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Tales beyond belief

The Myth of Helios and Clytie
Helios, the beautiful, was the sun-god, whom the Greeks loved and honored. He was tall, and as straight as an arrow. He had blue eyes, and hair which fell in golden curls over his shoulders. His limbs were strong, and the muscles of his arms stood out in rounded curves like the arms of an athlete.

The sun-god was indeed a famous horseman. Every morning he drove his golden chariot across the sky. This was not an easy thing to do, for the horses were as wild as the Arabian horses of Ilderim. Ah, but they were beautiful, with their flowing manes and tails, their flashing eyes, graceful limbs, and silky coats! Fire flashed from their nostrils as they ran, and no horses have ever been swifter than those which drew the golden chariot. Helios was proud of them, and indeed, he should have been very happy. But sometimes he grew quite tired of his pleasant task.

The Hours, Minutes, and Seconds who went with him were often very tiresome, because they always said the same things. To be sure, Helios never grew tired of his beautiful sister, Eos, who drew aside the crimson curtains of the dawn. When he was ready to start, Eos bade him good-by with a pleasant smile. At the end of the day's journey, Helios was received by the sea-nymphs, who took care of the horses, and prepared a soft couch on which he rested until the next day.

The beginning of the journey was very pleasant to Helios. The birds sang a greeting, the brooks and rivers made music for him, and the people down upon the green earth sang songs in his praise. Everybody and everything loved him. Even the little ants, toiling away at their tiny sand mountains, watched for his coming. Helios should have been happy and contented at all times; but he was not. Sometimes his discontent darkened his bright face, so that people on the earth were frightened. In vain they sang their songs of praise and inquired, "Where is Helios?' No one could tell. "

Far down the gentle stream of Ocean ' lived the stern old god Oceanus and his daughter Clytie. She was one of the sea-nymphs who danced and sang at evening when Helios returned. She was a bright and c playful little nymph. All day long she ran laughing and dancing through her father's coral halls, and made O his heart soften, even in his darkest moods; for Oceanus was very stern and unkind at times. Helios was never too tired to talk to Clytie. They were the best of friends, and had many pleasant times together. Helios told her what had happened during the day, in the sky, or down upon the earth. Sometimes his stories were bright, happy ones, but often Helios told of terrible wars and brave warriors killed by cruel lances; and then Clytie would put her hands over her ears and beg Helios to tell of other things more pleasant.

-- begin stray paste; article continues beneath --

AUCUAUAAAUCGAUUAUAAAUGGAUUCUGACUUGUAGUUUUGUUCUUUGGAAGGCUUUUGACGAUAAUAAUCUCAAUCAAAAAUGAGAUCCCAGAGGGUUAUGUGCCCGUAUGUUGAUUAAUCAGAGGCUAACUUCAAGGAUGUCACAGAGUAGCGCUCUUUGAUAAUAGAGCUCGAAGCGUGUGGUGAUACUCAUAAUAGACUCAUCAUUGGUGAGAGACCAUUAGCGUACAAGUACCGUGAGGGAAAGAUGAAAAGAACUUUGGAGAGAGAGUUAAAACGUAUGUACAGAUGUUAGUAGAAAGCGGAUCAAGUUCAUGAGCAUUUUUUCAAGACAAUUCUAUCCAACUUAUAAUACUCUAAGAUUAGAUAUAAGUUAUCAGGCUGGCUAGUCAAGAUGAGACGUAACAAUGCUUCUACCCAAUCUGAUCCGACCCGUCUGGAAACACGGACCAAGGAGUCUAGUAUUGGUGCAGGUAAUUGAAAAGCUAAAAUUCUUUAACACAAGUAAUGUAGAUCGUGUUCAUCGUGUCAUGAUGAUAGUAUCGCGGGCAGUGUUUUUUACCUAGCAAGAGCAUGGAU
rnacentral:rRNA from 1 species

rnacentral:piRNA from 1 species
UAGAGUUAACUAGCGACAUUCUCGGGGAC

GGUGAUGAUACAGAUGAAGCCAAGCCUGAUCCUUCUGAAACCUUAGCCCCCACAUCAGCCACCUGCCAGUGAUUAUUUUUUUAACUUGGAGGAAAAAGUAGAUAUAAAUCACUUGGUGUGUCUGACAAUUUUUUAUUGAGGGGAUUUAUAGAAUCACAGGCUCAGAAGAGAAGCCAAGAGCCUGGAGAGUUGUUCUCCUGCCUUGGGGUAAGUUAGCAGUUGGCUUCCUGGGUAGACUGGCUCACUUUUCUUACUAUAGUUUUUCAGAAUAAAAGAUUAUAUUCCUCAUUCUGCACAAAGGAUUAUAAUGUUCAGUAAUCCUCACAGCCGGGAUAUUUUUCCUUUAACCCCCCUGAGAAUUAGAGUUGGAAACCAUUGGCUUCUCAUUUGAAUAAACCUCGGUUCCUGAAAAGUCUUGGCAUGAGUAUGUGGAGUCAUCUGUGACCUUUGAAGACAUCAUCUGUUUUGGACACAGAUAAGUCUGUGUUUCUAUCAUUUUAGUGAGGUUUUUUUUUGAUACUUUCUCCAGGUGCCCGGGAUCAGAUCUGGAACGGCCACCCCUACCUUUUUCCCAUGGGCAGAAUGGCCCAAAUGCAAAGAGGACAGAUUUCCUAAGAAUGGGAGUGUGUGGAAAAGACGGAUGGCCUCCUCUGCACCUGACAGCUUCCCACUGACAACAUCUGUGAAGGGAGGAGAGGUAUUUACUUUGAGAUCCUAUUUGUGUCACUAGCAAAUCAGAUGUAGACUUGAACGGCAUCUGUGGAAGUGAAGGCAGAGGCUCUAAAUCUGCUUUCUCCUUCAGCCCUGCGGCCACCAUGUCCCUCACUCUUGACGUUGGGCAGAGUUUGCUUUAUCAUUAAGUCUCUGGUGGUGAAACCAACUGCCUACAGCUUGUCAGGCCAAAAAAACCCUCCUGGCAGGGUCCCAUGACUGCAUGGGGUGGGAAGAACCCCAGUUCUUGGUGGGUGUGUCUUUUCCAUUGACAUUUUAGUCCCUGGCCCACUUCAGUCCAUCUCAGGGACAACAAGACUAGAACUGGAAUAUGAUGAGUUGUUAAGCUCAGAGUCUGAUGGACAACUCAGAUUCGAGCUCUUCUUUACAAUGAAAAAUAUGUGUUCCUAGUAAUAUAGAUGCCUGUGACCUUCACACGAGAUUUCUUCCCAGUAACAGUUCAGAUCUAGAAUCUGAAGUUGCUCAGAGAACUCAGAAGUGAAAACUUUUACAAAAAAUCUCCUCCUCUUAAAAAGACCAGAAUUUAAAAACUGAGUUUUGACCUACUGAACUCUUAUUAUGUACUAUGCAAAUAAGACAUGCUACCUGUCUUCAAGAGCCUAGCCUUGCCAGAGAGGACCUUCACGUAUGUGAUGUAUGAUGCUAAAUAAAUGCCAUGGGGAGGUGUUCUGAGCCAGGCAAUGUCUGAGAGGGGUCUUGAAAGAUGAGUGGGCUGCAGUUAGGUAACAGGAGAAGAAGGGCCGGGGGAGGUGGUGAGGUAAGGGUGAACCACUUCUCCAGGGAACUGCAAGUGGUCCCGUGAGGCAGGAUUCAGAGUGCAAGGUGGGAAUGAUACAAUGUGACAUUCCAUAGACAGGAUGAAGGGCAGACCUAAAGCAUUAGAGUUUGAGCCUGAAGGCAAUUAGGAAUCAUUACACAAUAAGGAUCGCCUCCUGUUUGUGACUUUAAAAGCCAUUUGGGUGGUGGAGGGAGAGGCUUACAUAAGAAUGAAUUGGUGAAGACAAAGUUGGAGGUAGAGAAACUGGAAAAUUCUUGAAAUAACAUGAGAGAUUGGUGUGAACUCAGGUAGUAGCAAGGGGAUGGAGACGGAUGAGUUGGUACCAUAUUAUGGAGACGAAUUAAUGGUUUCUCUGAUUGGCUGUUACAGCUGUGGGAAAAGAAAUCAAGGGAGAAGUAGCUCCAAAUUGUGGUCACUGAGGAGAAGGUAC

One day Helios promised to take Clytie with him in the chariot. " If you are not afraid, you shall go every day," he said. Clytie said that she would not be afraid with such a brave driver. But Oceanus could not spare Clytie, and would not give his consent. " Ah, well, Leucothea will even though her father consent not," said Helios. Helios had told Clytie about the little princess Leucothea, whose father was king of an eastern country. Why should Clytie stay at home and miss the pleasure which Leucothea would enjoy?

Clytie made up her mind to go without asking her father. So she called her dolphins, and bade them bring her pink-lined chariot; and away they dashed through the waves and surf. They stopped at a little rock island where the sea-nymphs played their happy games. By and by the golden chariot of Helios appeared far away in the east. Clyde's heart beat fast. She watched the sun-god as he drew nearer and nearer. She was sure that he would take her as he had promised. But Helios did not stop. Perhaps he had forgotten Clytie. or it may be that he dared not offend Oceanus.

Helios drove right along, not deigning even so much as a glance toward the little rock island. Perhaps he did not know that a sad arid disappointed little maiden was watching so patiently. Day after day Clytie waited in vain for the fickle sun-god. " He has forgotten me, he will not keep his promise," she sobbed; and she threw herself upon the rocks, and refused the comfort offered by her gentle sister nymphs. Clytie stayed so long on the rocks that her feet became rooted in the sand, and her golden hair was changed into the yellow rays of the sunflower, which still turns toward the bright chariot of Helios. 

The Legend and Myth about Helios and Clytie

The Myth of Helios
The story of Helios is featured in the book entitled Stories of Old Greece by Emma M. Firth first published 1895.

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